I was reading about the Sturmabteilung & Ernst Rohm's role in the rise of Hitler to power, and subsequent liquidation in the Night Of The Long Knives by the SS. In fact, the attitude of Nazis to homosexuality and prostitution over time give a fascinating insight.
So, defining fascism. The bundle of sticks with an axe is not firewood. It refers to the origins of Doric columns from wood. Admittedly this is speculative, but compelling, given the ubiquity of grooves in early columns. The fascia holds up something greater than individual logs could, a temple, the Parthenon, etc. It was also squarely based on post-democratic Imperial Rome, who's standards of living are thought to have been unmatched from the fall of the Western Empire by any city until London in the 1720 - and specifically, a millennium and a half without the great construction and infrastructure projects that went with that, the 'glories of Rome'.
There were some good things about living in the Roman Empire. The Pax Romana was preferable for many to constant warfare. But what looks justified opposition to oppression, like of Jews or Myceni led to their almost obliteration. And the Germanic tribes eventually sacked Rome, in response to that inability to give ground or reform enough to bring voluntary participation. The power of the senate decreased over time, exactly as capable uncorrupt deputies were most needed to bring about that reform.
Imperial China under the Yellow Emperor was very much a fascist state, but the Qin state ended very shortly after his reign. The bloody Five- and especially Three-Kingdoms periods seem to point to why 'may you live in interesting times' is a curse in China (the war that reunited China after the Three Kingdoms is thought to have killed more than WW1, & when global population was far smaller). The White Lotus & Boxer Rebellions, as well as Genghis Khan's invasion were driven my climatic conditions, flooding and famine, or prolonged winters. The relative resilience of Chinese politics and culture to these perturbations compared to the Romans, seems to be because of their civil service, which allowed some amount of choice of administrators by intelligence, and preserved a large body of written culture. I would directly relate the origins and success of that to Liu Bang and the founding of the Han dynasty who pursued soft-power, rather than the violent, autocratic & short-lived previous Qin state, which first militarily united China, and unified it's written system.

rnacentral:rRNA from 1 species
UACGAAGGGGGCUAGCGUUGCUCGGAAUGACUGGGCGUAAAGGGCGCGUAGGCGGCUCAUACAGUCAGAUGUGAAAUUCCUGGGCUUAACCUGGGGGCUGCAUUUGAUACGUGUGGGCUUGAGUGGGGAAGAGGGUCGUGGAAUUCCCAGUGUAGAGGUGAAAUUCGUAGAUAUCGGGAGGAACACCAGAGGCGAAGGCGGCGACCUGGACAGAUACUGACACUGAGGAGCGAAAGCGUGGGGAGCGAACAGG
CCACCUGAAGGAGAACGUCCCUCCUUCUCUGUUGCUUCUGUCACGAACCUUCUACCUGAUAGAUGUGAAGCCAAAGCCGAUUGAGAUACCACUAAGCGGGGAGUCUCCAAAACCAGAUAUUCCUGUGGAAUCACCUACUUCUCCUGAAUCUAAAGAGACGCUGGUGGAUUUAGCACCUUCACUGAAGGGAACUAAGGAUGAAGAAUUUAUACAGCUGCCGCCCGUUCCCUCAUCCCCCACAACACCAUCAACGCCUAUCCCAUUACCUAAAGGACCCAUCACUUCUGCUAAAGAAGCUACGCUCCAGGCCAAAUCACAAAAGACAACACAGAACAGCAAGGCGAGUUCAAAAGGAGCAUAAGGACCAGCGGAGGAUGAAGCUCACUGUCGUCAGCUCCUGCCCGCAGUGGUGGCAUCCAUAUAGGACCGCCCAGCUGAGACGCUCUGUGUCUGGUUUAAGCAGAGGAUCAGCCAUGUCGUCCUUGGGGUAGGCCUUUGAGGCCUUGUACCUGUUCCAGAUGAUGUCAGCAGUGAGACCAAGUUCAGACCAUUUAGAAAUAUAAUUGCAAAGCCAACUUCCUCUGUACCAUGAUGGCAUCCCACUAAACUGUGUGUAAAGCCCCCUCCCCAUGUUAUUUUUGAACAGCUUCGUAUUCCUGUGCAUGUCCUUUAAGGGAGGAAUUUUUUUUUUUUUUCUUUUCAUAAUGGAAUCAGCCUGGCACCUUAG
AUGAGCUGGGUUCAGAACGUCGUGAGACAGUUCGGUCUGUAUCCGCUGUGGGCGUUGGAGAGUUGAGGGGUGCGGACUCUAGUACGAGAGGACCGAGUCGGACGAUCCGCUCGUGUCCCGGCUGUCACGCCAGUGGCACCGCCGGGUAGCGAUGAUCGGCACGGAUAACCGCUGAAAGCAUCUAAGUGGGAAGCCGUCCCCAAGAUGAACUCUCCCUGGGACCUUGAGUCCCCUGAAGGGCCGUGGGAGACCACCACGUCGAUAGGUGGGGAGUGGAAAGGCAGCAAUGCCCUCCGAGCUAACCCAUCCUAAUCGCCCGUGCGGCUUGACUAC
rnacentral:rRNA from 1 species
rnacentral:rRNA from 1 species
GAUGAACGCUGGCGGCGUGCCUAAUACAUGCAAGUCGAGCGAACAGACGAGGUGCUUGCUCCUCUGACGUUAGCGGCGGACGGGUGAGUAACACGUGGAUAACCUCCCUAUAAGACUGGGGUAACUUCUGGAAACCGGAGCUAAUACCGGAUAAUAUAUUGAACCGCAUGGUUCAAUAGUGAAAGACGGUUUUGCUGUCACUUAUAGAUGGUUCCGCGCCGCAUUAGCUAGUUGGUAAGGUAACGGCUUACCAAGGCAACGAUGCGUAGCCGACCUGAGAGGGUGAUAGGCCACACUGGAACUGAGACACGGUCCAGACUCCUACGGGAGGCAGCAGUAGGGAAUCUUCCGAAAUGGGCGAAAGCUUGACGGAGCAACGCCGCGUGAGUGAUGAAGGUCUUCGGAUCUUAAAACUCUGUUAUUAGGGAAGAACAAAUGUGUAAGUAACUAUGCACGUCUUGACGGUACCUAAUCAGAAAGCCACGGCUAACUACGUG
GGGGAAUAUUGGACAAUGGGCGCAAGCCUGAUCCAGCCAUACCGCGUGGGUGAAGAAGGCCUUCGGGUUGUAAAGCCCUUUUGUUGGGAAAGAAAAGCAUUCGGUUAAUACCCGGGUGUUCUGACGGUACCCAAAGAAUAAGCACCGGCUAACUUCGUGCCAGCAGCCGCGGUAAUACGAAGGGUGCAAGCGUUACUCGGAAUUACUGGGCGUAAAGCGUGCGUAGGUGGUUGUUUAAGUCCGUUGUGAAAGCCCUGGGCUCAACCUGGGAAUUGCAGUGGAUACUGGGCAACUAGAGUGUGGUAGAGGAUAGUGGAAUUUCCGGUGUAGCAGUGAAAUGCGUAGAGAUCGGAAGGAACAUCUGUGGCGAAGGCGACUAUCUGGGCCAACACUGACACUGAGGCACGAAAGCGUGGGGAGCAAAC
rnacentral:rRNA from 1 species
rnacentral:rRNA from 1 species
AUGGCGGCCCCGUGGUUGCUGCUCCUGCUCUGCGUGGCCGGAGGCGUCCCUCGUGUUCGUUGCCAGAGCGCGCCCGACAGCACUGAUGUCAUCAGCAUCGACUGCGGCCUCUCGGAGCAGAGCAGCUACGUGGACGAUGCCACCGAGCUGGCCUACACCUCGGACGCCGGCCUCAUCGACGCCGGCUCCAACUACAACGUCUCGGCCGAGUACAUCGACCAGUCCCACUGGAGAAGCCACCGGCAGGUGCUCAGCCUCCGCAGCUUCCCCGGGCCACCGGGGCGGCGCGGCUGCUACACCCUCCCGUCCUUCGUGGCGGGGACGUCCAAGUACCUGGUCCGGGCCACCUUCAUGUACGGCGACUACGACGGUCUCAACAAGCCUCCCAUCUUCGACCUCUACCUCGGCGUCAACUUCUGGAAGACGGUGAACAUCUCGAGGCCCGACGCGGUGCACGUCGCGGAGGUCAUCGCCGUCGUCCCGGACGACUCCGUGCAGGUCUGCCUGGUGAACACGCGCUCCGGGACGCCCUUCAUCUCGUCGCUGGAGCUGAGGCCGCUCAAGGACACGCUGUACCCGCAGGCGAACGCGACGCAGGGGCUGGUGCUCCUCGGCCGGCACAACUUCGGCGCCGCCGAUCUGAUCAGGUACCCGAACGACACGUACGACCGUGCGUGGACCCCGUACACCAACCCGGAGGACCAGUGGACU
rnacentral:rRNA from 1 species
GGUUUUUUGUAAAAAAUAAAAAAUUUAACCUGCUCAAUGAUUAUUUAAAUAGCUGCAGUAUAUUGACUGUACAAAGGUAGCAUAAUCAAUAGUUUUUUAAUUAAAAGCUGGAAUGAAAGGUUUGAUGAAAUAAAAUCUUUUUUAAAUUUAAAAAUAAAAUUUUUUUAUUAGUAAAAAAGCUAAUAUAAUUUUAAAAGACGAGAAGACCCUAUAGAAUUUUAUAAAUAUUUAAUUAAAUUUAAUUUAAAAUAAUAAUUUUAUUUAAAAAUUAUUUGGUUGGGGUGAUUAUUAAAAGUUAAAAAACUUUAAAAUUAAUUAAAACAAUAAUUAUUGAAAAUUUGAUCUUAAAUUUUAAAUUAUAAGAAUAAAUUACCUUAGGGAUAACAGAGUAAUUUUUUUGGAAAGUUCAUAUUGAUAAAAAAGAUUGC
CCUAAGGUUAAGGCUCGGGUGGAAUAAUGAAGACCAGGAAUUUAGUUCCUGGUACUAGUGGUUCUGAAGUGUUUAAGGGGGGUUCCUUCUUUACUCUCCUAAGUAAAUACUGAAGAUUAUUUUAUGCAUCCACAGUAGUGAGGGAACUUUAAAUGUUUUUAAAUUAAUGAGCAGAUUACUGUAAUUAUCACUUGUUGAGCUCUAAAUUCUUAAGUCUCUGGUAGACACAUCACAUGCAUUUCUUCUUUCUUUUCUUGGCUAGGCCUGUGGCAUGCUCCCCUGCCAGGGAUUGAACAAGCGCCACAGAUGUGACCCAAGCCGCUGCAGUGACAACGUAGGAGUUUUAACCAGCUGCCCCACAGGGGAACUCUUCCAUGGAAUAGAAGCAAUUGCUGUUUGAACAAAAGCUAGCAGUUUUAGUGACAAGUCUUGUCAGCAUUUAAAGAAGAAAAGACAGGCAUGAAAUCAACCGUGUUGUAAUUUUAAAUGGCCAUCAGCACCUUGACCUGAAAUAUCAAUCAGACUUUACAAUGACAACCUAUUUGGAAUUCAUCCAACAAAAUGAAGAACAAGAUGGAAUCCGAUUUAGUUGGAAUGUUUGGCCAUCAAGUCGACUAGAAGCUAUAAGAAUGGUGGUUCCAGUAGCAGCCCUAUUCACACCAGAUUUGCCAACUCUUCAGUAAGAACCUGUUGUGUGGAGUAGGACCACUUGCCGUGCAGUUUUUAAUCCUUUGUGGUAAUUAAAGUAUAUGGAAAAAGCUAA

I would apply two arguments to why fascist states tend to instability, which requires violence, despite what appear relative success of Ancient Rome & China.
First is from game-theory, because of the free-rider problem. An individual or group shielded from selection pressure, will tend to become or select for people who don't make good decisions. Hitler made terrible decisions about the retreat from Russia that he should have left to his generals. Although not formally fascist Muammar Gaddafi is another example of unrestricted power/decision making leading to instability. I would argue that many of the Greek myths about kings are warnings about unrestricted power, like Sisyphus & Midus. The shift of chimpanzees from one substantially more powerful male like gorillas, to a leader needing a clique to be able to rule, seems to have been essential to the greater intelligence of chimpanzees, and the track that led to human intelligence - cooperation, reciprocity, and limits on individual power.
Second is from 'The Great Game', the conflict of Russia & the UK over trade routes and influence, recapitulated in the Cold War. Over time the state with less trade routes, less soft power, and less innovation, could not compete. In WW2 it was the cavity magnetron and radar, cracking the Enigma Code, and nuclear weapons (Germany only got as far as heavy water at Telemark). In the Cold War it was the ability of the West to outspend the USSR, on soft power, and the space program, and space-based weapons.
Fascism prioritises the group & it's achievements over the wellbeing of large fractions of individuals. While in some cases these align, for a time, I would argue it is inevitable they will come into conflict, leading to collapse or stasis, and be superceded by better modes of voluntarily cooperative organisation m